Statement of Responsibility:
by Elizabeth L. Oliver.
General Note:
Title from PDF of title page.
General Note:
Document formatted into pages; contains 186 pages.

Record Information

Source Institution:
University of South Florida Library
Holding Location:
University of South Florida
Rights Management:
All applicable rights reserved by the source institution and holding location.
Resource Identifier:
aleph - 001905092
oclc - 163576991
usfldc doi - E14-SFE0001658
usfldc handle - e14.1658
System ID:
SFS0025976:00001


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Vision and disease in the Napoleonic description de l'Egypte (1809-1828) :
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University of South Florida,
2006.
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ABSTRACT: This study analyzes the travel conventions manifest in the engravings of the thirty-volume Description de l'Egypte produced as a result of the Napoleonic campaign to Egypt in 1798 and published between 1809 and 1828. The first chapter examines the discourse established on Egypt in travelogues throughout the eighteenth century prior to the invasion of the country. I argue that the perceptions developed around the country did not stem from actual experience, but from political and economic motivations that cast Egypt in a light favorable for occupation.I examine how this perception was challenged during the collapse of distance between the French and Egyptians in the process of colonial encounter. Drawing upon medical records and proclamations of the French medical team in Egypt, I examine a specific epidemic known as ophthalmia that led to swollen, irritated eyes and eventual blindness throughout the French army in Egypt. While it is actually caused by Chlamydia, in eve ry appearance it makes in French medical records throughout the occupation, the disease was blamed on the climate, sunlight, and air specific to the land of Egypt. As a result, I argue that the Description's hyper-real contrasts of light and dark and amplified decay in its representations of the monuments residing in Egypt's ravaging climate are determined by the manner vision itself was altered by the epidemic of ophthalmia. I then contend that there exists a metaphorical parallel between the decaying pharaonic monuments in the Description and the perceived decay of modern Egyptian society that are linked by misconceptions of Egypt's climate. I conclude that the effect of Egypt's climate believed to destroy both physical monuments and physiological disposition was used as evidence to support the larger agenda of French imperialism that justified colonization of Egypt. Lastly, this study examines how Egyptians counteracted the negative discourse of their race by appropriating symbol s of their country used in European representations and altering them to develop a national identity. Tracing the time period from French occupation through British colonization, Egyptians were able to galvanize resistance while still working within the confines of colonial control.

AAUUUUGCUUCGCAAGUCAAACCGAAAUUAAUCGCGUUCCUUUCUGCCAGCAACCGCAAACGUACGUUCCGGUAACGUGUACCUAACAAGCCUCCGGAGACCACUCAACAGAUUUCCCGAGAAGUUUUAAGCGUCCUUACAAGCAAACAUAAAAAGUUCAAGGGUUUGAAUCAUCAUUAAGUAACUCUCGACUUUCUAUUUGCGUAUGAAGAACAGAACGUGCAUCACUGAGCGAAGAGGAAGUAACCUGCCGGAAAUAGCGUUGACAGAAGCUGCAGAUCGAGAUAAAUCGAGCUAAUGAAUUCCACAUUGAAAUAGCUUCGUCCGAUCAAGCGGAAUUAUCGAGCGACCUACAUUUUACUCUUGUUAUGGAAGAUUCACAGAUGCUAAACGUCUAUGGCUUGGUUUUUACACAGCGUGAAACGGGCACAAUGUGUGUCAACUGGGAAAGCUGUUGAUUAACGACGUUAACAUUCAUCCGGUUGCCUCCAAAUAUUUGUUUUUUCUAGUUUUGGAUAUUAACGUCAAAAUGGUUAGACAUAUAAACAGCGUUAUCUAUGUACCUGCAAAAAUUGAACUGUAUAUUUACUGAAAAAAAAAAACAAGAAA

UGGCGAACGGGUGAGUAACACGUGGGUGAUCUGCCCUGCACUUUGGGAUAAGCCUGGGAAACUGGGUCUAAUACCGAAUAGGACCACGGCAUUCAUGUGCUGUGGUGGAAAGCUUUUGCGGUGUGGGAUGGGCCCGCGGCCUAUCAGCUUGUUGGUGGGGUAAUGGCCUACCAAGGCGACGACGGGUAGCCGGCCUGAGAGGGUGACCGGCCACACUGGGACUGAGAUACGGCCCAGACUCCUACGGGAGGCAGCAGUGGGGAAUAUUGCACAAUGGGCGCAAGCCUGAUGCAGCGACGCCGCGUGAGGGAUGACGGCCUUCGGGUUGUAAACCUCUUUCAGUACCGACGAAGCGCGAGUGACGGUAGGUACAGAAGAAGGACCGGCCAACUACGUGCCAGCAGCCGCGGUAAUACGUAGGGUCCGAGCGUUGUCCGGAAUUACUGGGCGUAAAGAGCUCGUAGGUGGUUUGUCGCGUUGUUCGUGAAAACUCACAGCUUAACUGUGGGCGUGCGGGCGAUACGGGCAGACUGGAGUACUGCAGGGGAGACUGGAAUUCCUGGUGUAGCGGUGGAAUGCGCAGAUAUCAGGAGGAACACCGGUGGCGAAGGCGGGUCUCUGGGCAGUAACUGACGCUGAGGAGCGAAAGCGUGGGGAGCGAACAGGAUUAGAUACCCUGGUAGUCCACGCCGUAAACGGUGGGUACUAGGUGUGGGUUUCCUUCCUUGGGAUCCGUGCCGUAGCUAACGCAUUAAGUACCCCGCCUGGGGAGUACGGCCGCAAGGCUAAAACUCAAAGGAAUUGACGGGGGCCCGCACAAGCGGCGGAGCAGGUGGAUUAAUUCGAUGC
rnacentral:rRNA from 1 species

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Thesis (M.A.)--University of South Florida, 2006.
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Mode of access: World Wide Web.